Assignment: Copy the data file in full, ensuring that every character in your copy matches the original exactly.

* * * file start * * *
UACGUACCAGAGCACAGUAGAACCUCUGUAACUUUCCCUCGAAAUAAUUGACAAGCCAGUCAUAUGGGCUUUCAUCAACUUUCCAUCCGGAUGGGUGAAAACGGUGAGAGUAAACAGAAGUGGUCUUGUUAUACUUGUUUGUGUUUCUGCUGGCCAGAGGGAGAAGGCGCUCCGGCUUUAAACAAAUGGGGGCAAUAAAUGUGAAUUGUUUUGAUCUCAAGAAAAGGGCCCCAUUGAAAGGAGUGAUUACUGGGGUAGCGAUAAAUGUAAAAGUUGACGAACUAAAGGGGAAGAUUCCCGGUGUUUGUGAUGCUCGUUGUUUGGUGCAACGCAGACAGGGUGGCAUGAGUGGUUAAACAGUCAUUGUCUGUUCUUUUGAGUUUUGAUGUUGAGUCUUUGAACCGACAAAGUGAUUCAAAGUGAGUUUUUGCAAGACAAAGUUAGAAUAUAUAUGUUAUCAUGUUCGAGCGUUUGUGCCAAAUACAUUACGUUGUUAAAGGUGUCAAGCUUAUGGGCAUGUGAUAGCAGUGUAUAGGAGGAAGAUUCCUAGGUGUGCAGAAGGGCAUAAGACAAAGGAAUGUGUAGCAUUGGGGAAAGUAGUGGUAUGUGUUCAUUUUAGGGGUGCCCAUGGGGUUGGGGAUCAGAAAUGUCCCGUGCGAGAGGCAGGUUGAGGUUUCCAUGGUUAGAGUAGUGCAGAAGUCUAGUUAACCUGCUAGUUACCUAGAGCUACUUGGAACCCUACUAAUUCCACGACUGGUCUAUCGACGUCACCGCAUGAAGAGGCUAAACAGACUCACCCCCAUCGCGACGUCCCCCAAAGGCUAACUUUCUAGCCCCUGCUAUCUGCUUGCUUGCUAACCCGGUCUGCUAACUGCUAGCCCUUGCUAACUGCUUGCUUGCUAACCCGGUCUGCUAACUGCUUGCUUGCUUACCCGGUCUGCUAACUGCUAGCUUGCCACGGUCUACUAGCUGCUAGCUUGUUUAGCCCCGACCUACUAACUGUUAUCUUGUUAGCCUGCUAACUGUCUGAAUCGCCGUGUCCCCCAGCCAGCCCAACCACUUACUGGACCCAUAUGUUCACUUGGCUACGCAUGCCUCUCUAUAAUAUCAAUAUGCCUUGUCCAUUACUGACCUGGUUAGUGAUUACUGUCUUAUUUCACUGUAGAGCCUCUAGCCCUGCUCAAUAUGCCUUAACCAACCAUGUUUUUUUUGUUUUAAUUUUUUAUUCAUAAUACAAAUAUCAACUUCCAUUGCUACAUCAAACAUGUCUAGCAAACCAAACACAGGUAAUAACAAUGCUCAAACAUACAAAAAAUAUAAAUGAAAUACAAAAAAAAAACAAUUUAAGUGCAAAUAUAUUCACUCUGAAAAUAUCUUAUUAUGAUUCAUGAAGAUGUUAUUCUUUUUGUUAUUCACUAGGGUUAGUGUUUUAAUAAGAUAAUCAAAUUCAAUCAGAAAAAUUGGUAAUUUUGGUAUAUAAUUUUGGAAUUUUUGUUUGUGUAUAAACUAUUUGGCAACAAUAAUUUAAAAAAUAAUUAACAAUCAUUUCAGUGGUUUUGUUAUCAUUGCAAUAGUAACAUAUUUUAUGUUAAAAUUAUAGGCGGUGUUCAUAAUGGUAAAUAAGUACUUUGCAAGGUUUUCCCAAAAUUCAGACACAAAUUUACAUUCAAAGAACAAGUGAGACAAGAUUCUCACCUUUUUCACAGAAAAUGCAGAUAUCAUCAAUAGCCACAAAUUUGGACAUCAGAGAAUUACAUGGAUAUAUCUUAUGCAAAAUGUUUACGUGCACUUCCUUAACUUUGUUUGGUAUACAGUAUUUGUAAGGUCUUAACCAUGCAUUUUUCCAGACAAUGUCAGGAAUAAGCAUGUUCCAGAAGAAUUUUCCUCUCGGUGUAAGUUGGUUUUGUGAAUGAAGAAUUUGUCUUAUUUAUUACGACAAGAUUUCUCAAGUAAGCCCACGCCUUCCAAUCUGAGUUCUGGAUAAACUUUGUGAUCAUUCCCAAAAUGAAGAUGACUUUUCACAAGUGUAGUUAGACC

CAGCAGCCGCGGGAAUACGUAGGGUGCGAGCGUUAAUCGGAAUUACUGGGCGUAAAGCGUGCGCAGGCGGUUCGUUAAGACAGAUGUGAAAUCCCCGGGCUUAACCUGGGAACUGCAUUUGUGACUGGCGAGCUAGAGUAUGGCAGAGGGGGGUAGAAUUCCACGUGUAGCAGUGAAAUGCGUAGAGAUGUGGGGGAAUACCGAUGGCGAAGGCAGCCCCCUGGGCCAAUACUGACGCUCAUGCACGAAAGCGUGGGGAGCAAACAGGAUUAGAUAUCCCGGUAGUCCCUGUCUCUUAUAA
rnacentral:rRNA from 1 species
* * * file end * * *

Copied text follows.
UACGUACCAGAGCACAGUAGAACCUCUGUAACUUUCCCUCGAAAUAAUUGACAAGCCAGUCAUAUGGGCUUUCAUCAACUUUCCAUCCGGAUGGGUGAAAACGGUGAGAGUAAACAGAAGUGGUCUUGUUAUACUUGUUUGUGUUUCUGCUGGCCAGAGGGAGAAGGCGCUCCGGCUUUAAACAAAUGGGGGCAAUAAAUGUGAAUUGUUUUGAUCUCAAGAAAAGGGCCCCAUUGAAAGGAGUGAUUACUGGGGUAGCGAUAAAUGUAAAAGUUGACGAACUAAAGGGGAAGAUUCCCGGUGUUUGUGAUGCUCGUUGUUUGGUGCAACGCAGACAGGGUGGCAUGAGUGGUUAAACAGUCAUUGUCUGUUCUUUUGAGUUUUGAUGUUGAGUCUUUGAACCGACAAAGUGAUUCAAAGUGAGUUUUUGCAAGACAAAGUUAGAAUAUAUAUGUUAUCAUGUUCGAGCGUUUGUGCCAAAUACAUUACGUUGUUAAAGGUGUCAAGCUUAUGGGCAUGUGAUAGCAGUGUAUAGGAGGAAGAUUCCUAGGUGUGCAGAAGGGCAUAAGACAAAGGAAUGUGUAGCAUUGGGGAAAGUAGUGGUAUGUGUUCAUUUUAGGGGUGCCCAUGGGGUUGGGGAUCAGAAAUGUCCCGUGCGAGAGGCAGGUUGAGGUUUCCAUGGUUAGAGUAGUGCAGAAGUCUAGUUAACCUGCUAGUUACCUAGAGCUACUUGGAACCCUACUAAUUCCACGACUGGUCUAUCGACGUCACCGCAUGAAGAGGCUAAACAGACUCACCCCCAUCGCGACGUCCCCCAAAGGCUAACUUUCUAGCCCCUGCUAUCUGCUUGCUUGCUAACCCGGUCUGCUAACUGCUAGCCCUUGCUAACUGCUUGCUUGCUAACCCGGUCUGCUAACUGCUUGCUUGCUUACCCGGUCUGCUAACUGCUAGCUUGCCACGGUCUACUAGCUGCUAGCUUGUUUAGCCCCGACCUACUAACUGUUAUCUUGUUAGCCUGCUAACUGUCUGAAUCGCCGUGUCCCCCAGCCAGCCCAACCACUUACUGGACCCAUAUGUUCACUUGGCUACGCAUGCCUCUCUAUAAUAUCAAUAUGCCUUGUCCAUUACUGACCUGGUUAGUGAUUACUGUCUUAUUUCACUGUAGAGCCUCUAGCCCUGCUCAAUAUGCCUUAACCAACCAUGUUUUUUUUGUUUUAAUUUUUUAUUCAUAAUACAAAUAUCAACUUCCAUUGCUACAUCAAACAUGUCUAGCAAACCAAACACAGGUAAUAACAAUGCUCAAACAUACAAAAAAUAUAAAUGAAAUACAAAAAAAAAACAAUUUAAGUGCAAAUAUAUUCACUCUGAAAAUAUCUUAUUAUGAUUCAUGAAGAUGUUAUUCUUUUUGUUAUUCACUAGGGUUAGUGUUUUAAUAAGAUAAUCAAAUUCAAUCAGAAAAAUUGGUAAUUUUGGUAUAUAAUUUUGGAAUUUUUGUUUGUGUAUAAACUAUUUGGCAACAAUAAUUUAAAAAAUAAUUAACAAUCAUUUCAGUGGUUUUGUUAUCAUUGCAAUAGUAACAUAUUUUAUGUUAAAAUUAUAGGCGGUGUUCAUAAUGGUAAAUAAGUACUUUGCAAGGUUUUCCCAAAAUUCAGACACAAAUUUACAUUCAAAGAACAAGUGAGACAAGAUUCUCACCUUUUUCACAGAAAAUGCAGAUAUCAUCAAUAGCCACAAAUUUGGACAUCAGAGAAUUACAUGGAUAUAUCUUAUGCAAAAUGUUUACGUGCACUUCCUUAACUUUGUUUGGUAUACAGUAUUUGUAAGGUCUUAACCAUGCAUUUUUCCAGACAAUGUCAGGAAUAAGCAUGUUCCAGAAGAAUUUUCCUCUCGGUGUAAGUUGGUUUUGUGAAUGAAGAAUUUGUCUUAUUUAUUACGACAAGAUUUCUCAAGUAAGCCCACGCCUUCCAAUCUGAGUUCUGGAUAAACUUUGUGAUCAUUCCCAAAAUGAAGAUGACUUUUCACAAGUGUAGUUAGACC

CAGCAGCCGCGGGAAUACGUAGGGUGCGAGCGUUAAUCGGAAUUACUGGGCGUAAAGCGUGCGCAGGCGGUUCGUUAAGACAGAUGUGAAAUCCCCGGGCUUAACCUGGGAACUGCAUUUGUGACUGGCGAGCUAGAGUAUGGCAGAGGGGGGUAGAAUUCCACGUGUAGCAGUGAAAUGCGUAGAGAUGUGGGGGAAUACCGAUGGCGAAGGCAGCCCCCUGGGCCAAUACUGACGCUCAUGCACGAAAGCGUGGGGAGCAAACAGGAUUAGAUAUCCCGGUAGUCCCUGUCUCUUAUAA
rnacentral:rRNA from 1 species